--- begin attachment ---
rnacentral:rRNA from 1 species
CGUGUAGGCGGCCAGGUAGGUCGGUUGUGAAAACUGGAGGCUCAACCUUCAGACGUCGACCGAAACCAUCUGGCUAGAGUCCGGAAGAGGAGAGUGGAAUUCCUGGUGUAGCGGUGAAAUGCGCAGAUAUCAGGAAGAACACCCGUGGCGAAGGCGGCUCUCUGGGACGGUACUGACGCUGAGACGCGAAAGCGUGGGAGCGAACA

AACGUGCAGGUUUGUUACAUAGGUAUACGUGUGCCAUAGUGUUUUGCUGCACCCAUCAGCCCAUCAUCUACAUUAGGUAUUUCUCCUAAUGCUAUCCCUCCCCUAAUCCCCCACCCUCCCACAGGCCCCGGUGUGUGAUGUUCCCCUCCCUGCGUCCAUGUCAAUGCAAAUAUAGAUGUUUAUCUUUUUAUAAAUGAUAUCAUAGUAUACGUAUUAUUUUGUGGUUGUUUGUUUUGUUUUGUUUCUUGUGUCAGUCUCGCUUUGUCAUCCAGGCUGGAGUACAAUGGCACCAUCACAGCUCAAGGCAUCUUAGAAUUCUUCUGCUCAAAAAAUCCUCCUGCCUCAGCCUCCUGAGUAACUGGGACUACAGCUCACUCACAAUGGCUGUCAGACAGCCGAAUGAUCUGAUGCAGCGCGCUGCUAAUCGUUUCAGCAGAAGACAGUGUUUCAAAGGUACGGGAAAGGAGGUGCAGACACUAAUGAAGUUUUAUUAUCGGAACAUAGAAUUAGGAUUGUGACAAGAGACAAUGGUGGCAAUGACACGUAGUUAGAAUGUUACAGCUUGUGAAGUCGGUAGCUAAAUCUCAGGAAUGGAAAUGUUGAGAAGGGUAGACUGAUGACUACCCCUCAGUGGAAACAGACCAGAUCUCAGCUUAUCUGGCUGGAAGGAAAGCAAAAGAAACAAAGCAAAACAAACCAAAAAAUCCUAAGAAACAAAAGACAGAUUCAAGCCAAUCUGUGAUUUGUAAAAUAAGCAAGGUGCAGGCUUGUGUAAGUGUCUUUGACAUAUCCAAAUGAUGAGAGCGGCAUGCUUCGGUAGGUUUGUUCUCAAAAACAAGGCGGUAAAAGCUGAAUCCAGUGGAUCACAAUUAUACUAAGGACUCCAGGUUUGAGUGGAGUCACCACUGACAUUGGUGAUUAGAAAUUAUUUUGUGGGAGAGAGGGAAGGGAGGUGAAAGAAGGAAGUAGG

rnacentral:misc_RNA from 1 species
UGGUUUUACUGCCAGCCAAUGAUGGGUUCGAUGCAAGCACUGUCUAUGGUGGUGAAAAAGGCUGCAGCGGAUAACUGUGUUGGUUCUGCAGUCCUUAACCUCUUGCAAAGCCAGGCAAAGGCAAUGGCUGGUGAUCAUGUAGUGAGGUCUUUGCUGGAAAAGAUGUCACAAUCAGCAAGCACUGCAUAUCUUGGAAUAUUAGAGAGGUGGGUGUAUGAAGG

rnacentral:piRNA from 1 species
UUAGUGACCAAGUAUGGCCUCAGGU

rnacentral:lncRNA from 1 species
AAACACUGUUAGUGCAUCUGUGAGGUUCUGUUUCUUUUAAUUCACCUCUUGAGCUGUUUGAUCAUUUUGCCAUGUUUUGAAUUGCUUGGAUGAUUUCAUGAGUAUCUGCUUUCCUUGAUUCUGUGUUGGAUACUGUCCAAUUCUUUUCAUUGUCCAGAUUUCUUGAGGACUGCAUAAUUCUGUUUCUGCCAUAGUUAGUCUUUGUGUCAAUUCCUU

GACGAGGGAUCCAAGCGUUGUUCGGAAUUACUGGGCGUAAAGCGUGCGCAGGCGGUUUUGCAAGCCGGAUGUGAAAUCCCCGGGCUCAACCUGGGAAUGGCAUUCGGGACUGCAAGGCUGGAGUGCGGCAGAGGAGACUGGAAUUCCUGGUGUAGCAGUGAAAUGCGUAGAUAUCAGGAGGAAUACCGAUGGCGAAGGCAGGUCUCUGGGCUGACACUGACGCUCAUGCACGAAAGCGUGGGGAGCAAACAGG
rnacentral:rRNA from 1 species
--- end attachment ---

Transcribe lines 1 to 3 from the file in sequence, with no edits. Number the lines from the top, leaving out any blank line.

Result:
rnacentral:rRNA from 1 species
CGUGUAGGCGGCCAGGUAGGUCGGUUGUGAAAACUGGAGGCUCAACCUUCAGACGUCGACCGAAACCAUCUGGCUAGAGUCCGGAAGAGGAGAGUGGAAUUCCUGGUGUAGCGGUGAAAUGCGCAGAUAUCAGGAAGAACACCCGUGGCGAAGGCGGCUCUCUGGGACGGUACUGACGCUGAGACGCGAAAGCGUGGGAGCGAACA

AACGUGCAGGUUUGUUACAUAGGUAUACGUGUGCCAUAGUGUUUUGCUGCACCCAUCAGCCCAUCAUCUACAUUAGGUAUUUCUCCUAAUGCUAUCCCUCCCCUAAUCCCCCACCCUCCCACAGGCCCCGGUGUGUGAUGUUCCCCUCCCUGCGUCCAUGUCAAUGCAAAUAUAGAUGUUUAUCUUUUUAUAAAUGAUAUCAUAGUAUACGUAUUAUUUUGUGGUUGUUUGUUUUGUUUUGUUUCUUGUGUCAGUCUCGCUUUGUCAUCCAGGCUGGAGUACAAUGGCACCAUCACAGCUCAAGGCAUCUUAGAAUUCUUCUGCUCAAAAAAUCCUCCUGCCUCAGCCUCCUGAGUAACUGGGACUACAGCUCACUCACAAUGGCUGUCAGACAGCCGAAUGAUCUGAUGCAGCGCGCUGCUAAUCGUUUCAGCAGAAGACAGUGUUUCAAAGGUACGGGAAAGGAGGUGCAGACACUAAUGAAGUUUUAUUAUCGGAACAUAGAAUUAGGAUUGUGACAAGAGACAAUGGUGGCAAUGACACGUAGUUAGAAUGUUACAGCUUGUGAAGUCGGUAGCUAAAUCUCAGGAAUGGAAAUGUUGAGAAGGGUAGACUGAUGACUACCCCUCAGUGGAAACAGACCAGAUCUCAGCUUAUCUGGCUGGAAGGAAAGCAAAAGAAACAAAGCAAAACAAACCAAAAAAUCCUAAGAAACAAAAGACAGAUUCAAGCCAAUCUGUGAUUUGUAAAAUAAGCAAGGUGCAGGCUUGUGUAAGUGUCUUUGACAUAUCCAAAUGAUGAGAGCGGCAUGCUUCGGUAGGUUUGUUCUCAAAAACAAGGCGGUAAAAGCUGAAUCCAGUGGAUCACAAUUAUACUAAGGACUCCAGGUUUGAGUGGAGUCACCACUGACAUUGGUGAUUAGAAAUUAUUUUGUGGGAGAGAGGGAAGGGAGGUGAAAGAAGGAAGUAGG